If you are primarily doing motion control it may be better to work with the industrial automation group and their specialized PLC rather than work with the PLC group and their specialized motion control.

    For inexpensive motion control you will end up using another vendor's stepper motors and control boxes and interfacing with the PLC for start/stop and interlock signals.

    One of the goals in automation is to avoid making a mess. Your control system will need to include sufficient sensors and interlock logic to insure that the process can be stopped quickly when a fault is detected. It should not rely on a operator tripping over a stack of bad parts that have fallen off the conveyor.

    A well planned design will include a careful examination of the process by people from the mechanical. electrical, and software groups. This can be easily achieved if the planing is all being done by one person. It can sometimes be achieved if there is a competent manager directing the groups.

    Planning includes detailed timing diagrams for all commanded motions. Once the timing diagrams are completed and the machine through put is known it will be possible to size the motors to meet the acceleration/ deceleration requirements for each motion. If this is a servo system, the mechanical design group will then make some quick guesses on mechanism settling time and maybe the first vibration frequency. This information is then used to adjust the acceleration profile of the motion command and to select the location of the command notch filter. Position sensors may be used either to detect a fault or to trigger a subsequent motion. The triggers are needed when the machine timing is variable and cannot be controlled by a system clock. Once the speed of each of the motions is known it will be possible to select sensors based on response time and eventually determine the minimum CPU cycle time needed to allow the machine to run.

    There is also a need to determine machine reliability. If the machine has a required system reliability of 99 percent and the machine uses a sequence of twenty motions each with a reliability of 99.9 percent it will be best to abandon the project before anymore time or money is wasted. The system reliability in this case is 99.9% **20 = 98%

    The planning needs to be completed before any software, mechanical, or electrical work is considered.

    A project that relies on patches by one group to fix the omissions or mistakes of another group will be a project that is overdue, over budget, and does not meet the performance requirements of the customer.
    Last edited by Robert R; 02-01-2020 at 08:31 PM.

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    Take a look at Beckhoff Automation.

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    Quote Originally Posted by Jmaks View Post
    Take a look at Beckhoff Automation.
    I found a series of videos on Youtube showing structured text programming using Beckhoff's free software. It looks very promising. I've also downloaded and have been playing with Codesys.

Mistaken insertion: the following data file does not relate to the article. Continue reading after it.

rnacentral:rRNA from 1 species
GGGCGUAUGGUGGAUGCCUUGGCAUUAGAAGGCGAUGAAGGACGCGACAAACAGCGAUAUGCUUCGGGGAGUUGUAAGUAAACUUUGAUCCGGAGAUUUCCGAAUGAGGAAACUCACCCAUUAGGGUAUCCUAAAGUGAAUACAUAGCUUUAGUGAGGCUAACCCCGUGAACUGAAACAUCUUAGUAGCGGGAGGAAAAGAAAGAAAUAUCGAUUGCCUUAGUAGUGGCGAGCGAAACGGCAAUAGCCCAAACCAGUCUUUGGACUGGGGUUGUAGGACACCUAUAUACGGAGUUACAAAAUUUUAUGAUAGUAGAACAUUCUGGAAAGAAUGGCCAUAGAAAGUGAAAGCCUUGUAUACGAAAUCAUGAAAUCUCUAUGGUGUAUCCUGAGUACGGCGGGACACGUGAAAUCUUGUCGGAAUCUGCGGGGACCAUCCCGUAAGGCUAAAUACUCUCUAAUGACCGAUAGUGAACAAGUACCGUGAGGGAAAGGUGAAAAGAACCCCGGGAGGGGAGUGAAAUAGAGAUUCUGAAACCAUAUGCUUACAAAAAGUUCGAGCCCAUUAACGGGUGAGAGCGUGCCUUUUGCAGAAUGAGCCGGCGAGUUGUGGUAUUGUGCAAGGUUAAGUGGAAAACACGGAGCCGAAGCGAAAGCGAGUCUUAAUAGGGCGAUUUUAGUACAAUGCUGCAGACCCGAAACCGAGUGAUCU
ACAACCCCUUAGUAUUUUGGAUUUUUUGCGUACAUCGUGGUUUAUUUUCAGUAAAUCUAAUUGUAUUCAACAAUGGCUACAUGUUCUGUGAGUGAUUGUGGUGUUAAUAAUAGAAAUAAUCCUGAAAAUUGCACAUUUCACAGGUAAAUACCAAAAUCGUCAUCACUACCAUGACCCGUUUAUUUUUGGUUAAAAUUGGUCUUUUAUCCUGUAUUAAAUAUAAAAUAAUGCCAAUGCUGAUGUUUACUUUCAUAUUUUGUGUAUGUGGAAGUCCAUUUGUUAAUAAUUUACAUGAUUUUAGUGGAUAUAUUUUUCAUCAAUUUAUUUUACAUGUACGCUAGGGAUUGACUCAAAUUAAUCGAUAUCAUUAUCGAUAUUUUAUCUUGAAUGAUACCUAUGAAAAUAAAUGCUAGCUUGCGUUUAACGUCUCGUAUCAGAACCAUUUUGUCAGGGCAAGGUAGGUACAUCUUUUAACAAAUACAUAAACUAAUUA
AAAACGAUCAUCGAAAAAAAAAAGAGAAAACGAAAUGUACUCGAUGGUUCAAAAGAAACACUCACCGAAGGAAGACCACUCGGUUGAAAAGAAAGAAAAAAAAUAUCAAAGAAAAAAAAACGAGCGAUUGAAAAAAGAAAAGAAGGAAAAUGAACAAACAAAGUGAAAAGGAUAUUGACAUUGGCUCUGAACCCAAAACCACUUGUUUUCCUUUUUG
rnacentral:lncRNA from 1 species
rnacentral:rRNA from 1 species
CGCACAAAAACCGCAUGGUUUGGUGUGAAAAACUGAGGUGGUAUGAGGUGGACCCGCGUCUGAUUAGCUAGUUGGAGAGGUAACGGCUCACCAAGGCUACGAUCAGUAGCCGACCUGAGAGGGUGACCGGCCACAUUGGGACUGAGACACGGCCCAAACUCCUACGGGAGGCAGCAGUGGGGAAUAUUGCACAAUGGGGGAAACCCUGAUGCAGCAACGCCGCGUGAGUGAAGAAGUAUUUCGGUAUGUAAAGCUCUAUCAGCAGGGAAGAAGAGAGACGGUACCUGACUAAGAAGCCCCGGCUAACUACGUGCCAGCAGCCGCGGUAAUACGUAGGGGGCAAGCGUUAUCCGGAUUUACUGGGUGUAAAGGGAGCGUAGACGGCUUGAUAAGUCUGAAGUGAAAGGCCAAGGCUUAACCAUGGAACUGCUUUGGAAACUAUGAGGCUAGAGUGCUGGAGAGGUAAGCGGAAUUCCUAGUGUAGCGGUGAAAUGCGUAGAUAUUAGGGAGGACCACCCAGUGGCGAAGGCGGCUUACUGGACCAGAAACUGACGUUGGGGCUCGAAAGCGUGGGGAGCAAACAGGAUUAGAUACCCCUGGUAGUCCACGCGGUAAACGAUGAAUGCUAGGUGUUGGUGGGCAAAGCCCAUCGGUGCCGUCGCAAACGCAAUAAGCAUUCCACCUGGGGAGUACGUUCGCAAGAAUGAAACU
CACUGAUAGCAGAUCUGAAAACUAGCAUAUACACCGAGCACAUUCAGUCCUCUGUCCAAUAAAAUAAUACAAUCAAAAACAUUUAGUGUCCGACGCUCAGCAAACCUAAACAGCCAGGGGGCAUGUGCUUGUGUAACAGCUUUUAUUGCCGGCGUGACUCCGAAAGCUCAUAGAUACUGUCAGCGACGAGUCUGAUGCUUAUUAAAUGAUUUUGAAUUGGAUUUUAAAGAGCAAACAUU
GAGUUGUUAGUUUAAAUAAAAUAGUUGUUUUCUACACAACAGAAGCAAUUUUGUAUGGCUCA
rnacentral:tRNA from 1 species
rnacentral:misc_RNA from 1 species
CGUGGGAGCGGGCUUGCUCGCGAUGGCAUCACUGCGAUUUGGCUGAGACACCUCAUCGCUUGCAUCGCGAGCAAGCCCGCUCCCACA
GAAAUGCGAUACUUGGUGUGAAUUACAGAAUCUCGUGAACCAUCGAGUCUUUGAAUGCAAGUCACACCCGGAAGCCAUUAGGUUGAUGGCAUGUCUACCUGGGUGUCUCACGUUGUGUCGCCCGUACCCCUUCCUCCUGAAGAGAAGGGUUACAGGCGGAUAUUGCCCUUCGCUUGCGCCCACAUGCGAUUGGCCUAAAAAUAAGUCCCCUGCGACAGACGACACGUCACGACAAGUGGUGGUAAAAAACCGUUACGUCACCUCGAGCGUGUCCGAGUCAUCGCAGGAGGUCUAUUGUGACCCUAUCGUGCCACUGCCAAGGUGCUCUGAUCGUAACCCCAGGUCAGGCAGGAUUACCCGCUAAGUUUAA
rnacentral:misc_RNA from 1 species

My customers are all internal and are at plants around the world. The line I'm concepting now will go to Europe. I'm leaning towards a Siemens S7-1500 Compact. I'm also considering their Logo series but they're pretty limited on I/O and I'm not sure you can do structured text programming with them.

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    You also need to think about Safety - and whether you want to integrate motion in the mix. The S7-1500T by Siemens is becoming the new backbone of automation and motion control for Siemens including the new Sinumerik One control that will replace the 840D in the near future. Lots of I/O options, has the ability to do IRT for real time position capture . . . and it can be programmed by multiple users at the same time which if you have a large project with more than one person programming is a big bonus. And no problem with floating point math . . . and if you want to do a smaller less cost intensive project, the Logo is fine and also S7-1200 should be considered.

    We are about to ship our first fairly complex S7-1500T with S210 drives . . . ProfiNet connection from the PLC to 8 servo drives in addition to 2 Fanuc Robots and a Keyence Laser Marker. A capable system with a lot of complexity and integrated safety programmed by 3 individuals simultaneously. We had lots of issues with the laser and some issues with the Fanuc Robots, but the Siemens gear has been rock solid.

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    Quote Originally Posted by motion guru View Post
    the Logo is fine and also S7-1200 should be considered.
    Have you used the Logo? I looked at it but it doesn't seem to be able to run ladder. It looked like a bunch if independent commands floating around flow chart style which didn't seem like you could do much but really basic stuff.
    Last edited by CosmosK; 02-03-2020 at 08:08 PM. Reason: grammar

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    I don't know a heck of a lot about PLC's but I'd be interested to hear any comments on EZ Automation.
    Hollywood style website, claim USA made, low cost, many happy users, etc. I've searched around the web looking for comments from satisfied customers and I don't find much. So either they're wishing and hoping, or they are the best kept secret in low cost USA made PLC's and related products. Which is it, anybody know?

    EZAutomation.net - Exceptionaly Innovative, Made in America, Automation Control Products Factory Direct at Great Prices

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    Quote Originally Posted by motion guru View Post
    We are about to ship our first fairly complex S7-1500T with S210 drives . . . ProfiNet connection from the PLC to 8 servo drives in addition to 2 Fanuc Robots and a Keyence Laser Marker. A capable system with a lot of complexity and integrated safety programmed by 3 individuals simultaneously. We had lots of issues with the laser and some issues with the Fanuc Robots, but the Siemens gear has been rock solid.